cording to the dictates of one's conscience, the right of trial by
jury mean something.   We can indoctrinate youth in these things
without injury to the character or mind of the individual.   Indoc-
trinating young people in these cardinal principles of democracy
leaves room for them to improve the quality of their free speech,
and the tone of their free assemblies.   Such a faith does not pro-
hibit efforts to improve good taste in journalism or to promote a
purer religion.   Belief in the jury system is a challenge to ele-
vate the quality of justice by securing botter and more intelligent
people to serve on juries.   But the assumptions must be taken on
faith.   There must not be any half-hearted acceptance of the funda-
mental tenets of our form of government.   Tile Bill of Rights is our
declaration of faith.

     In taking this position, I am traveling in good company. Among
the many who accept this thesis is the distinguished Ralph Barton
Perry, Professor of Philosophy of Harvard.   I desire to close this
brief statement of faith by quoting from his recent book,Q.Q All



     **' "If I were asked whether I thought the youth of
     Am.iorlca should be indoctrinated and not merely omanci-
     pated, I should answer:  'Yes.  If they are not in-
     doctrinated, they can never be emancipated."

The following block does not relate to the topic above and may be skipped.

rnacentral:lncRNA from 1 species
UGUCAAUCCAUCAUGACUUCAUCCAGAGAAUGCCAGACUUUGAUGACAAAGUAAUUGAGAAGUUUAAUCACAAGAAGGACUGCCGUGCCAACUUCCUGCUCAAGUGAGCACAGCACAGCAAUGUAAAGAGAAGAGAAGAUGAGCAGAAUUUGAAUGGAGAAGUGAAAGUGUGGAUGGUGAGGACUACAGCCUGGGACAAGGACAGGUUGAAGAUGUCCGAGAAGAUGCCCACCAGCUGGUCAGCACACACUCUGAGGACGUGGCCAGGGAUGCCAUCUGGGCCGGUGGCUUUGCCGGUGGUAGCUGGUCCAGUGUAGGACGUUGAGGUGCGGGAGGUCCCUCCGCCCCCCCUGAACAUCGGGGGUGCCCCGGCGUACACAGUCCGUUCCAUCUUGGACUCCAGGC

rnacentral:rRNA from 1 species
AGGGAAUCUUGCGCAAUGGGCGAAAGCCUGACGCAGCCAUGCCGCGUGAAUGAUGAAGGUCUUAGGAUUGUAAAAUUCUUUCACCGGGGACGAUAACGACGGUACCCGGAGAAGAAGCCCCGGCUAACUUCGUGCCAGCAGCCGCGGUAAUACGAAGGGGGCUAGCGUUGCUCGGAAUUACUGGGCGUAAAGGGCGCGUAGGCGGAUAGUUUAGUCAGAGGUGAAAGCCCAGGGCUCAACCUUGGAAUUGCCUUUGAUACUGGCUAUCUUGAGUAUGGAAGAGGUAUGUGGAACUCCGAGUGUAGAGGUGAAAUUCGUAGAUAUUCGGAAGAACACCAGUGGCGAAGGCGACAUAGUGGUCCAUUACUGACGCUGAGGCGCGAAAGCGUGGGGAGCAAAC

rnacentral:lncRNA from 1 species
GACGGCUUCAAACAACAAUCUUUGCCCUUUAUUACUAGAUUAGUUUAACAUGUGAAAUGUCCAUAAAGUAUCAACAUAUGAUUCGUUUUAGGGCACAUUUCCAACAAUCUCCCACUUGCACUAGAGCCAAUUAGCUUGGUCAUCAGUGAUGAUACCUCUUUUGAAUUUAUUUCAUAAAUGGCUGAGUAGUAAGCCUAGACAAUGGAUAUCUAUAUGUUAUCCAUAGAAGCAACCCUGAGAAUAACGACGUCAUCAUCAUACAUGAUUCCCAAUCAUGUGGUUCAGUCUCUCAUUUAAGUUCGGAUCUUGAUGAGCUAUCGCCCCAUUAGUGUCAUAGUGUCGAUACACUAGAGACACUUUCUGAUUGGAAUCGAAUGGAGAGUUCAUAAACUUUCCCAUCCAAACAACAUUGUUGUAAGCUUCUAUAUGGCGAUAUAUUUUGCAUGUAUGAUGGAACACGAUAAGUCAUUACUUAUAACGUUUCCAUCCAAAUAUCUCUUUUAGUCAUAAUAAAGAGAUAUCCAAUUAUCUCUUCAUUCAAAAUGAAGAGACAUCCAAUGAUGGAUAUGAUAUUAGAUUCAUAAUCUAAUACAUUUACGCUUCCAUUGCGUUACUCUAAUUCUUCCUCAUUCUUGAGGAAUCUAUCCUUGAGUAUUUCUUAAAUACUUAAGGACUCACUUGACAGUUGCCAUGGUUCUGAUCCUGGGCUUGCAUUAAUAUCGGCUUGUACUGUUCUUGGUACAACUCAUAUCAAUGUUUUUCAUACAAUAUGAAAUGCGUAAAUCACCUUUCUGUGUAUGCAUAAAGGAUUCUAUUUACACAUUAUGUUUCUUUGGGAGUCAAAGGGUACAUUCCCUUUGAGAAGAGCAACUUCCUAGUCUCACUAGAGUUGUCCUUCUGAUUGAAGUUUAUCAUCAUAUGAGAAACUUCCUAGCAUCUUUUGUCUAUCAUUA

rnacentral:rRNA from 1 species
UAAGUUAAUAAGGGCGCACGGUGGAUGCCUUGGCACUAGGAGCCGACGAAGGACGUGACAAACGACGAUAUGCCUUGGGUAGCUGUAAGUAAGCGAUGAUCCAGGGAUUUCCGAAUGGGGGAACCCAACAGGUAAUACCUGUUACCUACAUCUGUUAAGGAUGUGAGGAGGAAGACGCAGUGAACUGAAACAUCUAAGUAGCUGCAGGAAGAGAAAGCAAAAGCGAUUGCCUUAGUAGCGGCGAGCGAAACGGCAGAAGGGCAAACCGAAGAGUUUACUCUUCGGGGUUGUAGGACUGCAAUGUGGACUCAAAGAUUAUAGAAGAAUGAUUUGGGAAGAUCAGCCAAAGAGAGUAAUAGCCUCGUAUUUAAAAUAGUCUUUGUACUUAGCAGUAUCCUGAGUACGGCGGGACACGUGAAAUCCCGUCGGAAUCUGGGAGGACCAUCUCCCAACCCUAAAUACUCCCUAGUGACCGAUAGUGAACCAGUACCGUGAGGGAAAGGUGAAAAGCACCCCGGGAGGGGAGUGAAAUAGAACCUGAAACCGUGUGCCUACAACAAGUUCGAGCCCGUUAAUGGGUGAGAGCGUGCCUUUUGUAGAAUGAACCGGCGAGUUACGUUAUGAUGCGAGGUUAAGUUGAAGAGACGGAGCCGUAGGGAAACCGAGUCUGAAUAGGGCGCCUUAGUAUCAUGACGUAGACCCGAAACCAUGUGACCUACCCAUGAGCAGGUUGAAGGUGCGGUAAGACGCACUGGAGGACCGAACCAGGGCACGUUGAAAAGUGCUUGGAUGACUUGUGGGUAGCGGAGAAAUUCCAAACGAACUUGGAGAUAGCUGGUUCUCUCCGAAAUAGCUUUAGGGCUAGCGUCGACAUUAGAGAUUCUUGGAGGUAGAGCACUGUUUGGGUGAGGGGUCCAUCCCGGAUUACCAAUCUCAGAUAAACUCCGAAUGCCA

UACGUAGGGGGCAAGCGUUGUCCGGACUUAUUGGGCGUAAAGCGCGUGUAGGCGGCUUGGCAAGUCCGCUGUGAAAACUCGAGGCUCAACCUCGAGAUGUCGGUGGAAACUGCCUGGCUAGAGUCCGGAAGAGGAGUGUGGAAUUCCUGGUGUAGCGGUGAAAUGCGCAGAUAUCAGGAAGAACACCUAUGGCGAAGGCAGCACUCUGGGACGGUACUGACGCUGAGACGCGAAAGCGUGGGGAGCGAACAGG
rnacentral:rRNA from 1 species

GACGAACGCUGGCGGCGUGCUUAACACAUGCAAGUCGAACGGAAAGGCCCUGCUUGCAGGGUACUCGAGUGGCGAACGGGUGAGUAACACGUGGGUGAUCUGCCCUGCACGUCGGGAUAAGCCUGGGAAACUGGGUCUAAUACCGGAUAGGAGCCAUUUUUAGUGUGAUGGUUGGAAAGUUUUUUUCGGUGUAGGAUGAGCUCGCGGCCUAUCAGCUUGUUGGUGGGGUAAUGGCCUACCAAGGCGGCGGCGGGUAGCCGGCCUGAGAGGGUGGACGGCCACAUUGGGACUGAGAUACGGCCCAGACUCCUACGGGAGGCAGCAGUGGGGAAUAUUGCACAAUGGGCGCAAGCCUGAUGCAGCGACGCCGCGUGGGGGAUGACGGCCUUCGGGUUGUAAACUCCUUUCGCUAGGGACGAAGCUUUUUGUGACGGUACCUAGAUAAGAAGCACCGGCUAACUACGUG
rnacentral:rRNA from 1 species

'***The youth of America are the salt of the earth,
     "but if the salt have lost his savour, wherewith shall it
     be salted?'   It is the responsibility of our teachers to
     k.eep democracy alive in their own hearts and minds. It
     is their responsibility to see to it that when the youth
     of Aamerica leave their classrooms they are imbued with
     the moral and cultural sentiments of Western Christendom;
     that they are already tolerant, free in spirit, oquali-
     tarian, and humane; and that their love of democracy is
     already burning with an inextinguishable flame.   If our
     teachers can do this, supported by parental influences
     and by the multiple agencies which mold public opinions
     then, and only then, can we be assured that our future
     victory will bring something more than bare survival and
     security.   Thens and then only, can we hope that such a
     victory will earn the deep gratitude of posterity, and
     be recorded in history as a forward step in the progress
     of mankind."

     This is a philosophy which dominates my thinking with regard
to the problems of democracy in these times of stress and anxiety
about the future of our nation.   It is the direction in which I
shall attempt to chart the course of the University so far as I can
influence its program of education in relation to democracy.

     I have thought that it would not be inappropriate for ma to
share with the Trustees and ny colleagues on the faculty of the Uni-
versity the point of view I have with regard to these fundamental
issues of national welfare.   I am constrained to believe universi-
ties will have to assume a larger measure of responsibility for the
education of youth in the fundamental tenets of democracy in the
future than they have in the past.


     The Department of Library Science of the College of Arts and
Sciences has Just been accredited by the Armerican Library Associa-
tion.   This makes it one of the S4X departments of library science
in the South to be approved by the American Library Association.
'his approval gives us a standing that we have not enjoyed hereto-